20 years under Putin: a timeline

The largest annual book trade fair in the United States, BookExpo America (BEA), was held in New York City June 4-7, 2012. For the first time in BookExpo’s history, Russia was named the guest of honor. Through the efforts of the Kremlin, over fifty of Russia's most renowned writers and numerous publishers were brought together in an unprecedentedly extensive program. However, questions remain regarding the showcase's intentions.



According to statistics published by BEA organizers, Russia is currently third in the world (after the U.S. and China) in terms of annual book production, releasing nearly 125,000 new titles annually. Last year only, Russians downloaded over 20 million ebooks and purchased nearly 1 million electronic readers.

The ReadRussia 2012 program ran from June 1st through the 8th, longer than BookExpo itself. In the course of these eight days, over a hundred cultural events took place in the trade pavilion and throughout Manhattan. Most of the leading Russian publishing houses, including Eksmo, Ad Marginem, Limbus Press, AST, Molodaya gvardia [Young Guard], Prosveschenie [Enlightment], Iskusstvo [Art] participated. Leading contemporary Russian writers such as Dmitry Bykov, Sergei Lukyanenko, Edward Radzinsky, Mikhail Shishkin, Olga Slavnikova, Vladimir Makanin, and Zakhar Prilepin all presented their recent work to the American public. Also present were Russian writers currently living in the U.S. including Yuz Aleshkovsky, Solomon Volkov, Aleksei Tsvetkov, Boris Paramonov, Lara Vapnyar, and Pavel Lembersky.

The program was sponsored by Russia's Federal Agency of Press and Mass Communications. Its chairman Mikhail Seslavinsky and deputy chairman Vladimir Grigoriev both attended the opening ceremony. Other sponsors were the Yeltsin Foundation and the Renova Group, with additional institutional support provided by Academia Rossica, the World Policy Institute, and the Trust for Mutual Understanding.

The Russian booth was spacious, decorated in a traditional red. ReadRussia’s logo featured inverted R's and the cliche "Soviet" font that Westerners still tend to associate with the country. Huge portraits of Alexander Pushkin, the most important Russian poet whose birthday also happened to coincide with the expo, loomed over visitors’ heads.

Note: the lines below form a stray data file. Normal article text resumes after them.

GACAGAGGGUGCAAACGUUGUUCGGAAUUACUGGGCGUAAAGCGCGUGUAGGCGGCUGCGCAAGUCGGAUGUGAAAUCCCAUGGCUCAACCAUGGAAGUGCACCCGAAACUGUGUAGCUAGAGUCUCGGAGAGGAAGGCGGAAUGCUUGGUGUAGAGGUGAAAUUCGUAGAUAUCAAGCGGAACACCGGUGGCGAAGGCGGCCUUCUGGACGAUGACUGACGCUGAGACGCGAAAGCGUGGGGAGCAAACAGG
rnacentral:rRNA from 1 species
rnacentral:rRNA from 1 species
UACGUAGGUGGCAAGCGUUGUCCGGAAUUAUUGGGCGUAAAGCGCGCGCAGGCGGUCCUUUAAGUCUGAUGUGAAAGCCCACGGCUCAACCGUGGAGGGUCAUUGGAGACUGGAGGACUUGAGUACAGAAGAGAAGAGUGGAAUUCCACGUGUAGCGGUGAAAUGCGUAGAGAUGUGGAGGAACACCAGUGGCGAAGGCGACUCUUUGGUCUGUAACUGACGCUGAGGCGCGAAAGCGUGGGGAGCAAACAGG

Each publishing house strived to stand out with their display, presenting the latest releases in Russian alongside new translations of classics and recent bestsellers. Occasionally, the variety that was intended to impress American readers seemed strange to the Russian eye. Side-by-side, one could  find Putin’s biography, the series Mify o Rossii [Myths About Russia] written by Vladimir Medinsky, Russia's new Minister of Culture, Pushkin’s The Tale of Tsar Saltan, and the anthology Velikie russkie puteshestvenniki i ikh puteshestviya [Great Russian Travelers and Their Voyages]. There were also a surprising number of Boris Yeltsin biographies (presented by the Yeltsin Foundation), and the latest biography of President Vladimir Putin by Roy Medvedev. The latter was a part of the new series Zhizn zamechatel’nykh lyudej: biografia prodozhaetsya [The Lives of Extraordinary People: The Biography Continues], which, unlike the original Lives of Extraordinary People, apparently includes people who are still living.

On June 4th, Read Russia 2012 presented the art exhibit The Experimental Art of Russian Children’s Books which featured a unique collection of works by Ivan Bilibin, Kuzma Petrov-Vodkin, Aleksandr Deyneka, Nathan Altman and others. Additional events included a presentation of a digital archive of Aleksandr Solzhenitsyn's work; an exhibition of photographer Anton Langue’s series Russia Through A Train Window; and Read Russia Roof, a series of readings, performances, and discussions with Russian authors held on the roof of the Dream Hotel.

As Peter Kaufman, Executive Director of ReadRussia 2012 told Publisher’s Weekly in their special report on Russian publishing, the program may have been the largest of its kind since the 1920s. “I find this program a great opportunity to reestablish this connection [between Russia and America] and to promote Russian literature and book culture to the U.S.,” Kaufman said. Despite the forecasted decline in reading (which is projected to decrease 5-7% in 2012 alone), Kaufman hopes that the Internet and other new technologies will nonetheless lead to the growth of the market for Russian translation.


As part of the ReadRussia reading series, art historian Solomon Volkov (left) and historian Edward Radzinsky (right) presented their new work


While ReadRussia 2012 organizers and participants exuded optimism, the large scale of the program raised questions about the program's ulterior motives. Clearly, this pompous showcase of the Russian book market and its writers’ potential is  part of the Kremlin’s strategy for improving Russia’s image abroad. One of the indicators of this was the fact that ReadRussia’s media partners included Russia Beyond the Headlines, a Western audience-oriented version of Rossiyskaya Gazeta, the latter being the mouthpiece of the Russian government.

Apparently, official strategy has changed little since Soviet times, and the Kremlin continues to use the propaganda tools of that era to project the image of a successful and flourishing Russia. To this end, millions of rubles were allocated from the state budget while grave domestic problems persisted unresolved and the living conditions for most of the population continued to deteriorate. In this day and age, it is almost impossible to cover such problems up. Thus, the Russian authorities' actions are evidence either of their extreme arrogance or of the overall inefficiency of the state machine. Most likely, it is both one and the other.

Russia under Putin

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